• Geotropism (growth influenced by gravity). When transported in a horizontal position, the heads of these plants tend to bend towards the light or in a direction opposite to gravity.
  1. Disturbed nutritional balance

Energy is needed for water absorption, production of plant hormones and natural flower development. Without energy, it would not be able to develop and would therefore wither much faster. Symptoms of nutritional imbalance are:

  • Inhibited development of flowers and buds.
  • Pale colors.
  • Little or no fragrance.
  • Inhibited inflorescence development.
Potted plants
  1. Lack of water
  • Make sure that there is enough water for the plant, but not too much.
  • In general, perennials need a lot of water. The amount of water in a pot, however, is limited. To help you with this, we developed Chrysal LeafShine & Seal. It prevents evaporation for a certain time without hindering growth. Please note that this preparation does not replace watering. A water buffer can also be created with Chrysal Aqua Pad or Chrysal Aquastick, thus extending storage time without the need for re-watering.
  1. Lack of light
  • Many plants are stored in carts and seedling pots. They are ideal for transport but are not suitable in the long term as they inhibit plant development.
  1. Temperature
  • The range of potted plants and perennials is huge and they all have different needs. Some plants prefer temperatures between 12-18°, while others can survive at 2-12°.
  • Growth processes slow down at lower temperatures, which means the flowers will stay beautiful for longer.
  • Keep in mind that some plants are sensitive to low temperatures. For perennials, however, low temperatures are preferable.

How to prevent the damage caused by the secretion that daffodils give off?

Daffodils with their bright and vibrant colors are everyone’s favorite, being a kind of harbinger of spring. That is why they are a popular choice and are offered in bouquets both independently and in combination with other flowers, such as tulips, anemonies, irises, freesias, etc. After cutting, the daffodil exudes a secretion from its stem. This secretion originates from the lattice tubes (phloem) and when the narcissus, for example, is mixed in a bouquet with other flowers, this secretion can harm them. If it is not cut again or kept separate from other flowers for a day after cutting, the problem is largely prevented. Cut the other flowers before the daffodils to prevent transfer of secretions.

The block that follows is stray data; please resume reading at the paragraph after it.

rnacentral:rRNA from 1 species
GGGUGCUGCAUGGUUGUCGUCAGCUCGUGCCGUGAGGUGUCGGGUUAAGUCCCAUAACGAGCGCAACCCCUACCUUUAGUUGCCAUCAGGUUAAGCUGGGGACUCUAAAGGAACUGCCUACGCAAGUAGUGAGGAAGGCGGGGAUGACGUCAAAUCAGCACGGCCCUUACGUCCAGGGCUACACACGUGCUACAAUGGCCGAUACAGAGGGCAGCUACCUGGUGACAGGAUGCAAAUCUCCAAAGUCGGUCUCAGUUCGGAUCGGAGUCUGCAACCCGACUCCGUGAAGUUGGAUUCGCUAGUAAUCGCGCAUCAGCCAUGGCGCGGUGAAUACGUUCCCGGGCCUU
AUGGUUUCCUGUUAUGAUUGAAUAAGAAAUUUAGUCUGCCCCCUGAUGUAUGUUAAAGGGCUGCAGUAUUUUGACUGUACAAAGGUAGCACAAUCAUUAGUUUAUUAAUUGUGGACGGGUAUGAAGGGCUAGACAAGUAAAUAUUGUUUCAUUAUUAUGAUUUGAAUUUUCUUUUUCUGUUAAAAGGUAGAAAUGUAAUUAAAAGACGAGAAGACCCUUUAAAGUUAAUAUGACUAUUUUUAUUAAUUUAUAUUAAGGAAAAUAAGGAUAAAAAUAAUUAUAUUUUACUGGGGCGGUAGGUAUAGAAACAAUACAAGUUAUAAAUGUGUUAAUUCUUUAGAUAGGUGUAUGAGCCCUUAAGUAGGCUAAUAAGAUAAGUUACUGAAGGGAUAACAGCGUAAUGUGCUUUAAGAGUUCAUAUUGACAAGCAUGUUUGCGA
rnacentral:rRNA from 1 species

Therapeutic Agents

In order to make possible the sale of mixed bouquets, Chrysal has developed 2 products:

  • For retailers and florists – Chrysal CVBN tablet. This tablet neutralizes this “toxic” secretion for other flowers.
  • For the end user we have developed Chrysal daffodil food which can also be used in a mixed bouquet

Why don’t the flowers in a mixed bouquet bloom at the same time?

Collecting the flowers

The flowers are picked at different stages of “maturity”, depending on the needs of the market. Gerberas and chrysanthemums look more blooming when they are in a mixed bouquet with carnations or lilies.

Requirements of nutrients

Flowers that are harvested while they are in the “bud stage”, such as roses, gladioli, eustoma, need more nutrients to develop fully.

Water quality in a vase

Lack of hygiene can lead to excessive growth of microorganisms. This is not good for water and nutrient uptake, which can slow down or stop flower development altogether. We recommend:

  • Hygiene; preventing the development of micro-organisms in the water and trimming the stem by 2-5 cm can contribute to a longer vase life and odor-free water.
  • Never mix old water from a vase with fresh water.
  • For professional use, we recommend Chrysal Professional 2 for bouquets and Professional 3 – for arrangements. Provide your customers with enough flower food with their bouquet.
  • Buy flowers as close to maturity as possible.

Why do cut flowers and plants not like to stay current?

At all stages of distribution, current can be a problem. It causes the moisture to evaporate faster, thus preventing the plant from absorbing it, and the end result is wilted flowers.

Stoma located from below side of the leaves, regulate the moisture and heat that the flower emits. If there is light air movement, the air layer around the leaves forms a protective cushion to prevent excessive evaporation. When there is strong air movement, for example due to a draft, this natural, protective layer disappears. Under such conditions, where the plant and flower evaporate more moisture than they can absorb, the result is invariably wilted leaves and withered flowers.

Our recommendations:
  • Keep doors and windows closed as much as possible.
  • Use suitable packaging to prevent damage during transport and water evaporation through the leaves.
  • Do not place your flowers or plants near front doors, open windows, fans, heaters or air conditioners.


Follow our blog for more tips on how to care for flowers.